This seventh novel in Harry Harrison’s Stainless Steel Rat series is actually the sequel to the prequel A Stainless Steel Rat Is Born. Young Jim DiGriz is alone, back in prison, and out for revenge. After he escapes and is tracking his nemesis, he gets captured and drafted into the military.
At this point, The Stainless Steel Rat Gets Drafted (1987) turns into anti-military propaganda that doesn’t even try to be circumspect. The army are the bad guys — all blood-hungry idiots — and they’re preying on a planet who practices Individual Mutualism, an anti-work-ethic cooperative utopian philosophy that could never stand up to human nature.
While the Stainless Steel Rat books are definitely meant to be fun, these types of themes come up often enough that I can’t help but think of them as “agendas,” and this particular anti-military agenda is likely to be perceived as insulting and disrespectful to the brave men and women all over the world who risk their lives to protect their countries.
Unfortunately, even if you manage to overlook the agenda, The Stainless Steel Rat Gets Drafted offers little new entertainment for fans who’ve seen most of Jim’s antics before. If you haven’t read any of the Stainless Steel Rat books, you’re likely to be more forgiving than I am, and this book is a fine place to start — it will actually help if you haven’t read most of the previous books.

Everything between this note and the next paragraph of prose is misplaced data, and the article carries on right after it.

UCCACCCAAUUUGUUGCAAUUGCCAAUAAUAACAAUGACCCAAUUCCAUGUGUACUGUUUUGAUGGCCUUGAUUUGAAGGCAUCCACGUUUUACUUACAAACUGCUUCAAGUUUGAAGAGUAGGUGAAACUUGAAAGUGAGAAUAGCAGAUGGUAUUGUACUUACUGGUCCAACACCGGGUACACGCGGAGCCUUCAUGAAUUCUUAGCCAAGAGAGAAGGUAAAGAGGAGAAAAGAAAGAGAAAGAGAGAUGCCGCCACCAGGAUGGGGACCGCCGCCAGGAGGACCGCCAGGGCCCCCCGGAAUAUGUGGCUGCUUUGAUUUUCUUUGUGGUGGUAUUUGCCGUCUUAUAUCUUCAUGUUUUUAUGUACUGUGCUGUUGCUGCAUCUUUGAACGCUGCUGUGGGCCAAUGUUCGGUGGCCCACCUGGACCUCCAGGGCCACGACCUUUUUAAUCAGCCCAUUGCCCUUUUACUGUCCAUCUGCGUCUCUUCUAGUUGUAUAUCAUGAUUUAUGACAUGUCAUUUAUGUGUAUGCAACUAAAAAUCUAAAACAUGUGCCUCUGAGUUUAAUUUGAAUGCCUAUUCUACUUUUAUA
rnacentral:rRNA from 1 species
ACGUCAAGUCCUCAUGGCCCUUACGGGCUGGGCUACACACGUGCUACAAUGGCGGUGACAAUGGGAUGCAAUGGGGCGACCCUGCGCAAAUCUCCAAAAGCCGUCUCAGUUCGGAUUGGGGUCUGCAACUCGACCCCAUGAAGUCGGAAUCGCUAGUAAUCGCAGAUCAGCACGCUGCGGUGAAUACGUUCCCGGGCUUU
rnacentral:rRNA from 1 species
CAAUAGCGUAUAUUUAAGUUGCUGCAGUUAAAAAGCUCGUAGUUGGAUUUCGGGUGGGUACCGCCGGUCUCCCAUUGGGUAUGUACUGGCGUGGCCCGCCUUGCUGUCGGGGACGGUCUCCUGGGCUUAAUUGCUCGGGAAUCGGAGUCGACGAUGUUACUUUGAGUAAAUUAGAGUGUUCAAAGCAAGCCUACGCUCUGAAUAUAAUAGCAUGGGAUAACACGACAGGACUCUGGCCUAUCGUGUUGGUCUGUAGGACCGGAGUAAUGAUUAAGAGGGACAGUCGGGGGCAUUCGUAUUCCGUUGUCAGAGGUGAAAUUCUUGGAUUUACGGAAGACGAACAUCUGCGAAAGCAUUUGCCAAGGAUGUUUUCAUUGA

The redeeming factor for the audiobook version of A Stainless Steel Rat is born is Phil Gigante’s narration — that’s entertaining in itself. I’m not giving up on The Stainless Steel Rat, but I hope the next book will offer more creative entertainment and less ridiculous political philosophy.
The Stainless Steel Rat — (1961-2010) Publisher: In the vastness of space, the crimes just get bigger and Slippery Jim diGriz, the Stainless Steel Rat, is the biggest criminal of them all. He can con humans, aliens and any number of robots time after time. Jim is so slippery that all the inter-galactic cops can do is make him one of their own.